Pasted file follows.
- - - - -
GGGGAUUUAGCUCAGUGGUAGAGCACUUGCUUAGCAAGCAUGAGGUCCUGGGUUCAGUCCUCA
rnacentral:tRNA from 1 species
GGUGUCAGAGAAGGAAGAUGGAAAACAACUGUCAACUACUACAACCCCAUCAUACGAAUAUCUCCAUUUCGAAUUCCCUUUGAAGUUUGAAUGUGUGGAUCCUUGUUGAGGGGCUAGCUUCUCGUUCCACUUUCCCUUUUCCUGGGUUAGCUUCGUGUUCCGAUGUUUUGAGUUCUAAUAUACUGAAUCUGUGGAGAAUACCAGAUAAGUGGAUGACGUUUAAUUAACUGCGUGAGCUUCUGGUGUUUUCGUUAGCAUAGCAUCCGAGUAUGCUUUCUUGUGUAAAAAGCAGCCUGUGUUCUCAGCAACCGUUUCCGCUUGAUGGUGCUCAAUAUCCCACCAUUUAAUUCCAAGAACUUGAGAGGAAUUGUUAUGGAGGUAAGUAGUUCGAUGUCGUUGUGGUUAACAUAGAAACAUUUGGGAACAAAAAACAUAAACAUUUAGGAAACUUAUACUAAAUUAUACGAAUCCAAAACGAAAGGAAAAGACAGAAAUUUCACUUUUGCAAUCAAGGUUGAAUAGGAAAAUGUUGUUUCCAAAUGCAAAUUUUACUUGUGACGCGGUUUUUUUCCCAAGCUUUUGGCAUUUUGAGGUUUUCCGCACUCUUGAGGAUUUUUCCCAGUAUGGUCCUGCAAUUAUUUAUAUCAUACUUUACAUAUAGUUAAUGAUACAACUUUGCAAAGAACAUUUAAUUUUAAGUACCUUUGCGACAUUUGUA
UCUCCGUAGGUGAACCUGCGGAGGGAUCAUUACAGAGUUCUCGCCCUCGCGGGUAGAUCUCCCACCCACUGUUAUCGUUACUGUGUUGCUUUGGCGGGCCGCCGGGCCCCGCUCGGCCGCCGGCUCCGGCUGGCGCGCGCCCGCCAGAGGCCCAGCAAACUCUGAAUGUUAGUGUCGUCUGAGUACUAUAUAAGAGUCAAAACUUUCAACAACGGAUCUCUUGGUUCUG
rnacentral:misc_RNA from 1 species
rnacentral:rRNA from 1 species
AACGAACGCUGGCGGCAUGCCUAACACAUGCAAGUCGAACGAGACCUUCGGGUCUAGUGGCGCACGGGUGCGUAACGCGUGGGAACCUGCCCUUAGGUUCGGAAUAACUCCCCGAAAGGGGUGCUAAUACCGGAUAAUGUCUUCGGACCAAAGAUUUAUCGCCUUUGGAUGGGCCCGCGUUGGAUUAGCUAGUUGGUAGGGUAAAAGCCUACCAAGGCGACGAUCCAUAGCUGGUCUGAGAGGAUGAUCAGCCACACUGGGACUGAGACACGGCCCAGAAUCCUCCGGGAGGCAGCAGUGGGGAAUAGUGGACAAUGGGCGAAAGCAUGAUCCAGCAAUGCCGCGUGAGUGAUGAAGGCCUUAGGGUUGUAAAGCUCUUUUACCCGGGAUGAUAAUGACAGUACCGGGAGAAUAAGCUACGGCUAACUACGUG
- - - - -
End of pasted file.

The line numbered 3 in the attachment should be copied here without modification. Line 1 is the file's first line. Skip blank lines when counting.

GGUGUCAGAGAAGGAAGAUGGAAAACAACUGUCAACUACUACAACCCCAUCAUACGAAUAUCUCCAUUUCGAAUUCCCUUUGAAGUUUGAAUGUGUGGAUCCUUGUUGAGGGGCUAGCUUCUCGUUCCACUUUCCCUUUUCCUGGGUUAGCUUCGUGUUCCGAUGUUUUGAGUUCUAAUAUACUGAAUCUGUGGAGAAUACCAGAUAAGUGGAUGACGUUUAAUUAACUGCGUGAGCUUCUGGUGUUUUCGUUAGCAUAGCAUCCGAGUAUGCUUUCUUGUGUAAAAAGCAGCCUGUGUUCUCAGCAACCGUUUCCGCUUGAUGGUGCUCAAUAUCCCACCAUUUAAUUCCAAGAACUUGAGAGGAAUUGUUAUGGAGGUAAGUAGUUCGAUGUCGUUGUGGUUAACAUAGAAACAUUUGGGAACAAAAAACAUAAACAUUUAGGAAACUUAUACUAAAUUAUACGAAUCCAAAACGAAAGGAAAAGACAGAAAUUUCACUUUUGCAAUCAAGGUUGAAUAGGAAAAUGUUGUUUCCAAAUGCAAAUUUUACUUGUGACGCGGUUUUUUUCCCAAGCUUUUGGCAUUUUGAGGUUUUCCGCACUCUUGAGGAUUUUUCCCAGUAUGGUCCUGCAAUUAUUUAUAUCAUACUUUACAUAUAGUUAAUGAUACAACUUUGCAAAGAACAUUUAAUUUUAAGUACCUUUGCGACAUUUGUA